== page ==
State Sen. Larry Powell isn’t worried.
Kansas is “doing fine,” the Garden City Republican from the 39th Senate District told listeners during Tuesday’s legislative candidate forum.
Considering the following problems, the faithful ally of Gov. Sam Brownback is either oblivious to what’s happened or in denial. He has, after all, wholeheartedly supported a Brownback agenda causing:
• Seemingly never-ending budget shortfalls triggered by the governor’s reckless income-tax cuts that mostly benefited wealthy Kansans and small businesses now paying no income taxes.
• Unprecedented borrowing exceeding amounts needed during the Great Recession.
• The biggest tax increase in state history, mostly sales taxes that disproportionately punished low-income Kansans.
• Billions of dollars diverted away from state-funded ventures, to include highway projects, universities, early childhood health and education programs, Medicaid and aid for seniors, among others.
• Job growth trailing neighboring and peer states.
• The loss of more than $1.2 billion so far in federal funds by not expanding Medicaid, which would help struggling hospitals and some 150,000 working poor in need of coverage.
While it’s all just part of the damage done since the governor took office in 2011, he’s never admitted anything’s wrong.
His ultraconservative allies, Powell included, kept on pursuing numerous bad bills crafted by the American Legislative Exchange Council (ALEC), an outfit working for major corporations such as Koch Industries.
Far-reaching ALEC pursuits designed to shrink government and improve corporations’ bottom lines range from shortchanging public education to slashing income taxes.
That’s not to say tax breaks aren’t desirable. They are when responsibly planned and executed.
Moderates in the Kansas Legislature led by then-Senate President Steve Morris, R-Hugoton, had a much more prudent tax-cut plan in mind in 2012.
Unfortunately, Brownback steamrolled the moderates on his way to the ALEC-inspired tax policy Morris and others knew would wreck the state budget.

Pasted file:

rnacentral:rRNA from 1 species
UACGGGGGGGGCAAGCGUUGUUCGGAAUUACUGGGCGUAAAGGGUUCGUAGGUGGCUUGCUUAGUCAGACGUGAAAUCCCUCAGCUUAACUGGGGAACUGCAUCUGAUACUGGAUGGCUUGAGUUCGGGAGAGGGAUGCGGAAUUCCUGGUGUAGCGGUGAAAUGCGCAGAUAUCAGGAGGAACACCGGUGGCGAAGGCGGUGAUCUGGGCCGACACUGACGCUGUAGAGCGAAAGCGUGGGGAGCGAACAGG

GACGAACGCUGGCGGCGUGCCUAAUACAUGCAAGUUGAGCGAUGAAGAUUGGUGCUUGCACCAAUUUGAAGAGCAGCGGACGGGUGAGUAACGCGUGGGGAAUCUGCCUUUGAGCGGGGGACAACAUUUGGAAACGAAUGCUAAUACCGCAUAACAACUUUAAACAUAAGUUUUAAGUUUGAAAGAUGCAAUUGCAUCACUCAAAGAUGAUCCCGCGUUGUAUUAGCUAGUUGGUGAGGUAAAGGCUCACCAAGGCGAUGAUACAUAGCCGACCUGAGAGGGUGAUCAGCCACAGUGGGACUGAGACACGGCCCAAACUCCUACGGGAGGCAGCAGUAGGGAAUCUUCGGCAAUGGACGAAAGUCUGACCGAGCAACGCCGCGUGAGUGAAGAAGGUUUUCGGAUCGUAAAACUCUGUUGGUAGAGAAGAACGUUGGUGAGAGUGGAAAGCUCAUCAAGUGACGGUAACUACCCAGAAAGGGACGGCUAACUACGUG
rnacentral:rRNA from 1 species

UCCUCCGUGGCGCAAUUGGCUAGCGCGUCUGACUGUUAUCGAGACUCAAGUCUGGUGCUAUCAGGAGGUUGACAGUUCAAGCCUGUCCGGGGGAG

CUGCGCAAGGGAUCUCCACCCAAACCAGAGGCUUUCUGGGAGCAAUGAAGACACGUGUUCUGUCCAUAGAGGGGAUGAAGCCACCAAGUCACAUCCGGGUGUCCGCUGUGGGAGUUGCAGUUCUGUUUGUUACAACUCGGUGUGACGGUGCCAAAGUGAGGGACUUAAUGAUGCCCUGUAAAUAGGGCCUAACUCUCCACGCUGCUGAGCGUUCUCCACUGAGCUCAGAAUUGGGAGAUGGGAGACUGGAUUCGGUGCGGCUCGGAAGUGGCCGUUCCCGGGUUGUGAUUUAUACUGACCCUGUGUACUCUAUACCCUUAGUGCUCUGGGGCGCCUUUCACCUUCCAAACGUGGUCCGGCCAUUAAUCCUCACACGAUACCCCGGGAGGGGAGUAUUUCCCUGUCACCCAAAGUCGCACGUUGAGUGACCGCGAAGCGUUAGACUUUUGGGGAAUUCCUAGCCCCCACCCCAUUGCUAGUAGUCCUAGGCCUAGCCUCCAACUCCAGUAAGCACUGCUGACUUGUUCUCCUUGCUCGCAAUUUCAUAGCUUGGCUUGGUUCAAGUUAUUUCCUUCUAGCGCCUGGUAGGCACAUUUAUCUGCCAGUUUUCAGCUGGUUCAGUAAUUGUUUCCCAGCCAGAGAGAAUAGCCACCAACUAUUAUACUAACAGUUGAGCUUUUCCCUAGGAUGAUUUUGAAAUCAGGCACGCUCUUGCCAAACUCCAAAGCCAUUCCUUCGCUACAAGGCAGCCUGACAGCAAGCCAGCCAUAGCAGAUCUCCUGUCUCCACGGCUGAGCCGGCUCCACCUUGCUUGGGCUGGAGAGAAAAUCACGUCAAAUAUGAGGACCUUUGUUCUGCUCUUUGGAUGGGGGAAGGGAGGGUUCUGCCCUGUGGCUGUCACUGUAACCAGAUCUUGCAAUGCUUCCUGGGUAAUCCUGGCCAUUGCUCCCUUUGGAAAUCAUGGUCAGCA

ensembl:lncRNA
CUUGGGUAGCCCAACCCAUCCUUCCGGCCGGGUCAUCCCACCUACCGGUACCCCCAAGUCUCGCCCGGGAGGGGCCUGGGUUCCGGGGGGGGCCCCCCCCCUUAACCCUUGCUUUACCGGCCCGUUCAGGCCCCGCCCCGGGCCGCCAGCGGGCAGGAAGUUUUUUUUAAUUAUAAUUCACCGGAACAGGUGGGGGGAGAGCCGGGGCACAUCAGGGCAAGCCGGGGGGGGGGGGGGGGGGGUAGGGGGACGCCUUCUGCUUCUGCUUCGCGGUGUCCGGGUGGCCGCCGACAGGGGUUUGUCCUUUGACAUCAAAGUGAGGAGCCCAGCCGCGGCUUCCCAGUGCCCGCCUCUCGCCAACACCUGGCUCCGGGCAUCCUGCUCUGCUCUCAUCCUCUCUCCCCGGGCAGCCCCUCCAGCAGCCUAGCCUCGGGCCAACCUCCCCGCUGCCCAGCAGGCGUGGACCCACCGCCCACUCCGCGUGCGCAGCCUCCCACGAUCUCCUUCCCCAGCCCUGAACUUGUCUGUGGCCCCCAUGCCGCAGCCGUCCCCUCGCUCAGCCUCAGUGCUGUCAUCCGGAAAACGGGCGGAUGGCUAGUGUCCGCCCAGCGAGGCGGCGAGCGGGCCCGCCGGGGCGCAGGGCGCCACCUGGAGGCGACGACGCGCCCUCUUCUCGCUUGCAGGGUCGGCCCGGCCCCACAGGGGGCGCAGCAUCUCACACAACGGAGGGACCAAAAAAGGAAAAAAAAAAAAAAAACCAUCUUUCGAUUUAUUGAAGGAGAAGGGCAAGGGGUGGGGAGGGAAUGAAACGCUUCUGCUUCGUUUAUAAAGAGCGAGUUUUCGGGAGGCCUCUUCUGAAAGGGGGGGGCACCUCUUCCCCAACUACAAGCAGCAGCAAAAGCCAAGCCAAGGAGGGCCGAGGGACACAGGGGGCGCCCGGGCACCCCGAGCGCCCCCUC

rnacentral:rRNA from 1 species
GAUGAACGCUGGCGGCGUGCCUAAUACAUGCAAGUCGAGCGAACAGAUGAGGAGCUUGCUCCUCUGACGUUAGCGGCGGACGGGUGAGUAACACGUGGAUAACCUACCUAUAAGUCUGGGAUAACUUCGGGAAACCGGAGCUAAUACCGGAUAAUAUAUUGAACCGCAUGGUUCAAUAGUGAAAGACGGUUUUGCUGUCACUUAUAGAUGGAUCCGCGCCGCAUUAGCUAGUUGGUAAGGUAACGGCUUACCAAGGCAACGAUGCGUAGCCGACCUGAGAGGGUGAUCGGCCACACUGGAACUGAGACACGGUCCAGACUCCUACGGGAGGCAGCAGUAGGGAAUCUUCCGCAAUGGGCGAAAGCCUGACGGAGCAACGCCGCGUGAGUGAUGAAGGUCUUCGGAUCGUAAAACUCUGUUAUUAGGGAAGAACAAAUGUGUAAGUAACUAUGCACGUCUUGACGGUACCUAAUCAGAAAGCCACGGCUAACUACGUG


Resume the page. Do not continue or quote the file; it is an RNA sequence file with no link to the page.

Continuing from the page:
The governor’s self-proclaimed economic “experiment” didn’t drive the significant job growth he promised, and instead fueled the ongoing budget crisis.
More recent agriculture and energy setbacks only worsened the situation — proof of how risky the radical tax reform was in putting the state in such a vulnerable economic situation.
The resulting fallout may be just “fine” for Powell and others who’ve faithfully rubber-stamped the governor’s initiatives, but the blunders will cost Kansans for many years to come.
During the forum, we also heard Powell parrot the tired party line used by extreme-right lawmakers across Kansas: The state has a spending problem, not a revenue problem.
Keep in mind that ultraconservatives dominating the Legislature who claim as much pushed to spend $2.6 million in taxpayer dollars on an efficiency study of state government that produced more than 100 ideas for savings and new revenue — and then did practically nothing with it.
Now on the campaign trail, we’ll hear the same ultraconservatives desperate to keep their Statehouse seats malign opponents over taxes.
Powell did as much during the forum in calling out his challenger, Rep. John Doll, R- Garden City, after Doll rightly said returning to a more stable tax revenue stream made more sense than repeated money grabs and shell games to fill budget holes.
Powell jabbed Doll minutes after defending his own vote for the biggest tax increase in state history — and Powell campaigned on a promise to not raise taxes.
Doll opposed the sales-tax hike that failed, as expected, to mend persistent state budget woes.
He’s among lawmakers who know the only realistic fix moving forward is in addressing Brownback’s personal and business income-tax cuts that went too far, too fast.
Powell also said he’d oppose higher property taxes to lower state funding for K-12 public schools, yet voted for an ALEC block-grant funding scheme designed to push more of the tax burden to the local level. Doll voted against the fixed block grants that shortchanged school districts by not accounting for changes in enrollment and other uncontrollable costs.
The state can no longer afford legislators who claim things are “fine” when they aren’t, and want to continue on a path of insanity.
Consider Powell’s unwillingness to accept reality a sobering reminder of all that’s wrong in the Statehouse.
Voters will have a chance in the Aug. 2 GOP primary to remove incumbents who support the governor and want to extend his destructive agenda. In southwest Kansas’ 39th Senate District, the choice for change is obvious.
Email Editor-publisher Dena Sattler at firstname.lastname@example.org.